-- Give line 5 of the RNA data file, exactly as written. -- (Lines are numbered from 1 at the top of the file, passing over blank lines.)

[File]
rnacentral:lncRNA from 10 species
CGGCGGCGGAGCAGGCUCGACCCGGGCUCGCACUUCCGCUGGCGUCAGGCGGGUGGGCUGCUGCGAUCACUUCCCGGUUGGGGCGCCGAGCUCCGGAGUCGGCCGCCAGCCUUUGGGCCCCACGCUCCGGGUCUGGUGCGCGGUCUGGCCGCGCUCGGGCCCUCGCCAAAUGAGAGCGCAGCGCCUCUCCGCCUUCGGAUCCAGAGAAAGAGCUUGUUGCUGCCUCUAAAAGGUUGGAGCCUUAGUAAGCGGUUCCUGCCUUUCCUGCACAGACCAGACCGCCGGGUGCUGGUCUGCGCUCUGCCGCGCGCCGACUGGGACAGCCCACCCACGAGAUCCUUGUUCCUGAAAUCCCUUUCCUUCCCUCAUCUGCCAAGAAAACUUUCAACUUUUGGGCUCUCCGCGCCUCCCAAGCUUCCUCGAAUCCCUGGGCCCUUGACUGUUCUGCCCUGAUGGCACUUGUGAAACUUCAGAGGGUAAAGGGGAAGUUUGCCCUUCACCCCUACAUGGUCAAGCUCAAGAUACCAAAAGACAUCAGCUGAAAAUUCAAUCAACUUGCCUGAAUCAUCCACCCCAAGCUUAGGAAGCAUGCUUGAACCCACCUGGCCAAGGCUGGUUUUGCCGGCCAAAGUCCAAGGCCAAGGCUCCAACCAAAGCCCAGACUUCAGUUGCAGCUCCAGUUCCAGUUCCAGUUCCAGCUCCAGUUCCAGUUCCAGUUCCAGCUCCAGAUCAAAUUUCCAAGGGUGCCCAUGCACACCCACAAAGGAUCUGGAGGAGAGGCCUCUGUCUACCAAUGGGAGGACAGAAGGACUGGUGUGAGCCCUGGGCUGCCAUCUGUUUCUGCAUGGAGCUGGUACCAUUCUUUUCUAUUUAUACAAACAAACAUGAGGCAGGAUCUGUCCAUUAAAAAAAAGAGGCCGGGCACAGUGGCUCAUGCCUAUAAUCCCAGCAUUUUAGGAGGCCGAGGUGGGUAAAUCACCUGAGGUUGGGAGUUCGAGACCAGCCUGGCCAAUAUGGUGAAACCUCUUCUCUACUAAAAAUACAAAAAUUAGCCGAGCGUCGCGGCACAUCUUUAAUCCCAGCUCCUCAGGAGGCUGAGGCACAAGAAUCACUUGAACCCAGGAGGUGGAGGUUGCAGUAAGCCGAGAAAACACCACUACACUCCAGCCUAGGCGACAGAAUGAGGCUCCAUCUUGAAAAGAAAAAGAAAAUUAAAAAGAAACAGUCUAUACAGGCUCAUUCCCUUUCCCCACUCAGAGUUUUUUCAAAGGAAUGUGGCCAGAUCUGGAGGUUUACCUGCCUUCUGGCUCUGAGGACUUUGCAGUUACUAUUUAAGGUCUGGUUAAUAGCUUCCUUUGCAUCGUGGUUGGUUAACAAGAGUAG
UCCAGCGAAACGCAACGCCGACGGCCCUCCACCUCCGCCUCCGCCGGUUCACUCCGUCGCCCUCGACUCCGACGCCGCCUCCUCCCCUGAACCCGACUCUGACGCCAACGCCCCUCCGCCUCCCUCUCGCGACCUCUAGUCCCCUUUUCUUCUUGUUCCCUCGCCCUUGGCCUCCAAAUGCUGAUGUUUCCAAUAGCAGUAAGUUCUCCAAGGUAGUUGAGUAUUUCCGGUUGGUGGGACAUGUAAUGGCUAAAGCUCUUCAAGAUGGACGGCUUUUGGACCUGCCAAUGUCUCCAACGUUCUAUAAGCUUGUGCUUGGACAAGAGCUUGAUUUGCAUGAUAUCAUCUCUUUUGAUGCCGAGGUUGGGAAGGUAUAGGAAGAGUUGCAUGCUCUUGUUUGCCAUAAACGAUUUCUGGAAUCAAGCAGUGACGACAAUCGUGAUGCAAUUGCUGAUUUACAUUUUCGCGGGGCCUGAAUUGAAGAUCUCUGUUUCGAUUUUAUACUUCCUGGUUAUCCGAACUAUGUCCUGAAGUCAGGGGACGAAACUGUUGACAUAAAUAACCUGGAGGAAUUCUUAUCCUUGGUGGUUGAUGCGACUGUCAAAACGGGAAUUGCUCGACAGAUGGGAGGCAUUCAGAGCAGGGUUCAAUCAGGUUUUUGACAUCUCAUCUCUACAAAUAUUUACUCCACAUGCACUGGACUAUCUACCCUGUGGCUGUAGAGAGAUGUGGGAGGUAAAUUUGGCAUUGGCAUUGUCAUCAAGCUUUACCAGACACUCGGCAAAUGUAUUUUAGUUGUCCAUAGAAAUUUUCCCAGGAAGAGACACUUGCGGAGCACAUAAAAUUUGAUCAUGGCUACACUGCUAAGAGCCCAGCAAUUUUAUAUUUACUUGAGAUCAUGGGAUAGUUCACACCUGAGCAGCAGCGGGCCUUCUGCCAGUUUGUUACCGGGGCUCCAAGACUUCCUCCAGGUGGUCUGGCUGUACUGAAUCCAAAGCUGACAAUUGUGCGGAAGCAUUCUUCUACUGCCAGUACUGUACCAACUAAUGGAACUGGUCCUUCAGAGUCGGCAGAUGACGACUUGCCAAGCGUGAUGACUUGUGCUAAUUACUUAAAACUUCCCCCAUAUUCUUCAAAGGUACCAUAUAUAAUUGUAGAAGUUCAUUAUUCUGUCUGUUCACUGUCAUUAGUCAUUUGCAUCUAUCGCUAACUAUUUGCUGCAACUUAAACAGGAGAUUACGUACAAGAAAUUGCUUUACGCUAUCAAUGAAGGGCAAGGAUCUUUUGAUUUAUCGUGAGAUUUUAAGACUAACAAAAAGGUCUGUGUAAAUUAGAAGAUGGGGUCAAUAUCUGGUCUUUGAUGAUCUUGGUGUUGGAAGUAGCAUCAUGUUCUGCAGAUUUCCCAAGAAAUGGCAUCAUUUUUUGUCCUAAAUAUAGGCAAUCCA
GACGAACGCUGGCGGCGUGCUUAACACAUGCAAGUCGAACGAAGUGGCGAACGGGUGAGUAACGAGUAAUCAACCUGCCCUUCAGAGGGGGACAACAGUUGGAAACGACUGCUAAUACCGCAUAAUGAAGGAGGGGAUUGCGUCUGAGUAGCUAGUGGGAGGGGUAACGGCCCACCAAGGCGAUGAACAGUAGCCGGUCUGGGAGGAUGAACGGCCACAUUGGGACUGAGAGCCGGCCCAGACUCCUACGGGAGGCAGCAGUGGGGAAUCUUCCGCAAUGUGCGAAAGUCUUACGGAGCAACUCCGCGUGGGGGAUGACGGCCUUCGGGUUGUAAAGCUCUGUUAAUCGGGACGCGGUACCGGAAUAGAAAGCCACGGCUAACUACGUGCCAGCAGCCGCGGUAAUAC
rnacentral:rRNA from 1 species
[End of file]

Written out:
rnacentral:rRNA from 1 species